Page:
I am trying out a new bit of advice that I read recently. The author said that most people go their whole life without raising their head 15 degrees. What he means is, we rarely look up.

I like making every excuse to be outside, especially when the weather is nice. If a restaurant has outdoor seating, I will most likely want to take advantage of it. I don’t mind parking far away at the mall, but in order to walk a little in the fresh air. I even built a screened patio to foil the mosquitoes so my friends and I could relax without flying pests.

As I walked to meet my wife for lunch, I remembered the advice to look upward, so I did. The brilliance of the blue against the swaying green treetops stood out more than any neon sign ever could. I felt an immediate rush of something. My skill as a writer is still so limited; I can’t even come close to comparing it with descriptors. All I can sum up was that it was a moment of both goodness and beauty.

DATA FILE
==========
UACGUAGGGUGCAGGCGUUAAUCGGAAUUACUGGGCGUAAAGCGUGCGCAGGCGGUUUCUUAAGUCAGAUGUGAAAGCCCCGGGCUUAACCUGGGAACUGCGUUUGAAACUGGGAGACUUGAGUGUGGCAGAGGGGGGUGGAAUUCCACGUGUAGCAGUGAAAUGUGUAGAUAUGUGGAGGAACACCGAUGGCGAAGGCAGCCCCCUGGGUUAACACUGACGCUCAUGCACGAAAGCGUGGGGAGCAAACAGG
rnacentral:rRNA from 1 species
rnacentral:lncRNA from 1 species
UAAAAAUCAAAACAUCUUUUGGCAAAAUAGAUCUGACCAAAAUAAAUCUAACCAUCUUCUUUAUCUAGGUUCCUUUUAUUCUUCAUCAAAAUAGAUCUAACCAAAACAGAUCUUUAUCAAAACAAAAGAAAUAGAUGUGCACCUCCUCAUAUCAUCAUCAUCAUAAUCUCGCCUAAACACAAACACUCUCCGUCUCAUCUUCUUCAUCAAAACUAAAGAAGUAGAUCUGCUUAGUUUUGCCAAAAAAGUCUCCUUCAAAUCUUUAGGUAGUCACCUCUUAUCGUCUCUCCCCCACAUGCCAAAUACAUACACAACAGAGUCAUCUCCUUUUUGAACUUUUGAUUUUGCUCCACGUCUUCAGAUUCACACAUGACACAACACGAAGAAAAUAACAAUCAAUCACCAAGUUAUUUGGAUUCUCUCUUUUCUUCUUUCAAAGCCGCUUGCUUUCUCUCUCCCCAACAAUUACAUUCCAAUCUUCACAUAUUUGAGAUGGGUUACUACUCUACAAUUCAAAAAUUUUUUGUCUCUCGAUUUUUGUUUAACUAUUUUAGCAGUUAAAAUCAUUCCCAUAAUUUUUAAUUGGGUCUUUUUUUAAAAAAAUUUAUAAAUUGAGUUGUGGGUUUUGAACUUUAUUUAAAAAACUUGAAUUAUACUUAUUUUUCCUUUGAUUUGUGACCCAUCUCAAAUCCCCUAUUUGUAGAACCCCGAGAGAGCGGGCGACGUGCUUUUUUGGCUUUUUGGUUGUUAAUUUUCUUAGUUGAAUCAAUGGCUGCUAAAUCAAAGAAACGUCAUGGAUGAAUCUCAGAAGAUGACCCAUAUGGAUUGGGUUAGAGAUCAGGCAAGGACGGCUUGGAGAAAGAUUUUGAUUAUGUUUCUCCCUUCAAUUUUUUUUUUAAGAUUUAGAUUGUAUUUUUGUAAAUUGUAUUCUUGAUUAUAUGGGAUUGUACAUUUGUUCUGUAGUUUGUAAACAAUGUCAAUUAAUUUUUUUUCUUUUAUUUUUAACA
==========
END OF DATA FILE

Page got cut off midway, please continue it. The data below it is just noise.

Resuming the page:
But just as abrupt, my mind began racing to the other concerns of the day. A tension developed between the brief transcendence of that instant and reality of my To Do list. How can I enjoy this visual gift, knowing I have so much to get accomplished?

The amazing thing about beauty is that you can’t save it, can’t bankroll it, can’t stick it in the freezer to pull out for a later date. It has to be savored at that very second. You can try and take a picture, but it won’t do justice.

So here’s what I decided to do. I would receive the pleasure as a gift, knowing full well that clouds will roll in, I will have to get back to work, and there will be other occasions like this one.

If I decide to keep looking up.

Sky